In an interview prior to the event, Coupet told Nosh that his path to the evening’s event wasn’t a direct one.
“I’ve had an unusual journey,” he said. “I didn’t grow up being a chef, I started after age 30. I had a background in tech, and felt disenchanted about that, while becoming passionate about cooking. After working 12-hour days, I would spend four hours cooking a meal for the sport of it. When I realized that my day job was getting in the way of my cooking habit, I resigned and went into culinary, throwing pop-up dinners, making 5-course menus, and getting people to come out to these dinners.”
Eventually, Coupet “taught food education at farmers markets in New York for the Department of Health,” he said, “like how to cook with fruits and vegetables. I worked in a summer camp in upstate New York for the Fresh Air Fund where they bussed several hundred students from New York City to these 2-week summer camps. Then the pandemic hit and shut everything down. So, I pivoted to doing online classes. That’s where I met Jesse.”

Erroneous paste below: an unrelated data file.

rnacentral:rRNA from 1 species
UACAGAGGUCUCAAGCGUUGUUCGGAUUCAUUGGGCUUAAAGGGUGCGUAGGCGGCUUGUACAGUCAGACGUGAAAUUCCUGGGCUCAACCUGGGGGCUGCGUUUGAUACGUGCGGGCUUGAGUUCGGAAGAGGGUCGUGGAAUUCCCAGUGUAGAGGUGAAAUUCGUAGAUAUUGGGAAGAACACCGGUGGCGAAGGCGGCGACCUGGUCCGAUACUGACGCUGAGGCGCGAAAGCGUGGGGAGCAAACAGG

Before the group moved inside, Flatley shared a story about another Senegalese dish, a peanut stew called maafe, which she said was “the last dish I ate before coming to the United States.”
She told us that her mother, who always did the cooking in her home, and made every dish from scratch, would prepare maafe two ways, either with meat or without. Growing up, Flately knew that if there was no meat in the stew, it meant her mother was low on money and she shouldn’t ask any questions.
Looking back, she remembered that when her mother prepared maafe the last time, she did not include meat. “I think she did that to remind me that even though I’m going to a country where dreams come true, money isn’t everything.”